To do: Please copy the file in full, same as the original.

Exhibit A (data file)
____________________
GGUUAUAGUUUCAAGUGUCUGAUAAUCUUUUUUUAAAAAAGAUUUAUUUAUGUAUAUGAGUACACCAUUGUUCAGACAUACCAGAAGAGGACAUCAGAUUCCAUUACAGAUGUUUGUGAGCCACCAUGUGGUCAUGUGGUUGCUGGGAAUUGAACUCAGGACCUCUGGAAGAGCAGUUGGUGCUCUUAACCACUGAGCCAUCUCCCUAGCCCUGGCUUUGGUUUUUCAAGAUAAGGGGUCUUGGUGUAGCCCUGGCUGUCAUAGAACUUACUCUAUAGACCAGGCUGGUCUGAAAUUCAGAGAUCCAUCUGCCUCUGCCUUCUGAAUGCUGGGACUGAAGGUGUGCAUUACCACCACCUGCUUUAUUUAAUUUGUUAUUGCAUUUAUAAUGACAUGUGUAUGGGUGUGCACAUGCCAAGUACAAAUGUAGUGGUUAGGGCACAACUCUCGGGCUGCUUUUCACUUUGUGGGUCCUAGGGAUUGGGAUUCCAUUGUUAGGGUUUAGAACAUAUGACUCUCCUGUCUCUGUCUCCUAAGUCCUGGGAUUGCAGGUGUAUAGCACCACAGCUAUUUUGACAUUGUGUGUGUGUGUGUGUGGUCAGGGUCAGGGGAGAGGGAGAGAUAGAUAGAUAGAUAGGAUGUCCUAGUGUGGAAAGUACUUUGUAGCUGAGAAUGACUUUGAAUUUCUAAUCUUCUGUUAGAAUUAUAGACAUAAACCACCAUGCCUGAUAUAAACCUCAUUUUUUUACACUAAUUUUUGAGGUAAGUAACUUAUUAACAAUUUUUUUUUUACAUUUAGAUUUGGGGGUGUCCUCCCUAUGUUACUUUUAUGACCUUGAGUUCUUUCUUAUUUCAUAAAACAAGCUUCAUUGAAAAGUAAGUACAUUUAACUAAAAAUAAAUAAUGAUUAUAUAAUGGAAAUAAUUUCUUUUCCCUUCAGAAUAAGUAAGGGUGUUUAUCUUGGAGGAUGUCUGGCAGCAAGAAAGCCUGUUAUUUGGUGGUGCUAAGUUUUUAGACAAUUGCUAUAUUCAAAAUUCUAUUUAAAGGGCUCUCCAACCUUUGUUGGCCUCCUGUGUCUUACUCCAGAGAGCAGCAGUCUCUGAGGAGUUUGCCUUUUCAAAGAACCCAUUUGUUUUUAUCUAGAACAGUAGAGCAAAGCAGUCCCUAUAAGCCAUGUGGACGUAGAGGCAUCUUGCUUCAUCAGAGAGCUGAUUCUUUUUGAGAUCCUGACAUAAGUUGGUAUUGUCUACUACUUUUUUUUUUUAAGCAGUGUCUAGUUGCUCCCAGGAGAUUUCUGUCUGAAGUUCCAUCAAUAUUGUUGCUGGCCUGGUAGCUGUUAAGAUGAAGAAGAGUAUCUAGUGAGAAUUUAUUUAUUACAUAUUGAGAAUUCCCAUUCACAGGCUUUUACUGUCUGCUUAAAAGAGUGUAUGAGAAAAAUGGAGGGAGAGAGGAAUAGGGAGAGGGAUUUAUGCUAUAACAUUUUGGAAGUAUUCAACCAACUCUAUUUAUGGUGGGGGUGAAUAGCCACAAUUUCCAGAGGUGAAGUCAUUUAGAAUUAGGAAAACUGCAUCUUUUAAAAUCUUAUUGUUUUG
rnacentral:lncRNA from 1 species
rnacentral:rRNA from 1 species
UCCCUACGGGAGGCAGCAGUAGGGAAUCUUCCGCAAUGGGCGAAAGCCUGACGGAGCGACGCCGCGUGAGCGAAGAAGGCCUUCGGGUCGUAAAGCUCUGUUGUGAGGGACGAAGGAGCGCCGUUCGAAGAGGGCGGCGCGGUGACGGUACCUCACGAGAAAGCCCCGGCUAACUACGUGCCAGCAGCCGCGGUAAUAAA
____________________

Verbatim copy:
GGUUAUAGUUUCAAGUGUCUGAUAAUCUUUUUUUAAAAAAGAUUUAUUUAUGUAUAUGAGUACACCAUUGUUCAGACAUACCAGAAGAGGACAUCAGAUUCCAUUACAGAUGUUUGUGAGCCACCAUGUGGUCAUGUGGUUGCUGGGAAUUGAACUCAGGACCUCUGGAAGAGCAGUUGGUGCUCUUAACCACUGAGCCAUCUCCCUAGCCCUGGCUUUGGUUUUUCAAGAUAAGGGGUCUUGGUGUAGCCCUGGCUGUCAUAGAACUUACUCUAUAGACCAGGCUGGUCUGAAAUUCAGAGAUCCAUCUGCCUCUGCCUUCUGAAUGCUGGGACUGAAGGUGUGCAUUACCACCACCUGCUUUAUUUAAUUUGUUAUUGCAUUUAUAAUGACAUGUGUAUGGGUGUGCACAUGCCAAGUACAAAUGUAGUGGUUAGGGCACAACUCUCGGGCUGCUUUUCACUUUGUGGGUCCUAGGGAUUGGGAUUCCAUUGUUAGGGUUUAGAACAUAUGACUCUCCUGUCUCUGUCUCCUAAGUCCUGGGAUUGCAGGUGUAUAGCACCACAGCUAUUUUGACAUUGUGUGUGUGUGUGUGUGGUCAGGGUCAGGGGAGAGGGAGAGAUAGAUAGAUAGAUAGGAUGUCCUAGUGUGGAAAGUACUUUGUAGCUGAGAAUGACUUUGAAUUUCUAAUCUUCUGUUAGAAUUAUAGACAUAAACCACCAUGCCUGAUAUAAACCUCAUUUUUUUACACUAAUUUUUGAGGUAAGUAACUUAUUAACAAUUUUUUUUUUACAUUUAGAUUUGGGGGUGUCCUCCCUAUGUUACUUUUAUGACCUUGAGUUCUUUCUUAUUUCAUAAAACAAGCUUCAUUGAAAAGUAAGUACAUUUAACUAAAAAUAAAUAAUGAUUAUAUAAUGGAAAUAAUUUCUUUUCCCUUCAGAAUAAGUAAGGGUGUUUAUCUUGGAGGAUGUCUGGCAGCAAGAAAGCCUGUUAUUUGGUGGUGCUAAGUUUUUAGACAAUUGCUAUAUUCAAAAUUCUAUUUAAAGGGCUCUCCAACCUUUGUUGGCCUCCUGUGUCUUACUCCAGAGAGCAGCAGUCUCUGAGGAGUUUGCCUUUUCAAAGAACCCAUUUGUUUUUAUCUAGAACAGUAGAGCAAAGCAGUCCCUAUAAGCCAUGUGGACGUAGAGGCAUCUUGCUUCAUCAGAGAGCUGAUUCUUUUUGAGAUCCUGACAUAAGUUGGUAUUGUCUACUACUUUUUUUUUUUAAGCAGUGUCUAGUUGCUCCCAGGAGAUUUCUGUCUGAAGUUCCAUCAAUAUUGUUGCUGGCCUGGUAGCUGUUAAGAUGAAGAAGAGUAUCUAGUGAGAAUUUAUUUAUUACAUAUUGAGAAUUCCCAUUCACAGGCUUUUACUGUCUGCUUAAAAGAGUGUAUGAGAAAAAUGGAGGGAGAGAGGAAUAGGGAGAGGGAUUUAUGCUAUAACAUUUUGGAAGUAUUCAACCAACUCUAUUUAUGGUGGGGGUGAAUAGCCACAAUUUCCAGAGGUGAAGUCAUUUAGAAUUAGGAAAACUGCAUCUUUUAAAAUCUUAUUGUUUUG
rnacentral:lncRNA from 1 species
rnacentral:rRNA from 1 species
UCCCUACGGGAGGCAGCAGUAGGGAAUCUUCCGCAAUGGGCGAAAGCCUGACGGAGCGACGCCGCGUGAGCGAAGAAGGCCUUCGGGUCGUAAAGCUCUGUUGUGAGGGACGAAGGAGCGCCGUUCGAAGAGGGCGGCGCGGUGACGGUACCUCACGAGAAAGCCCCGGCUAACUACGUGCCAGCAGCCGCGGUAAUAAA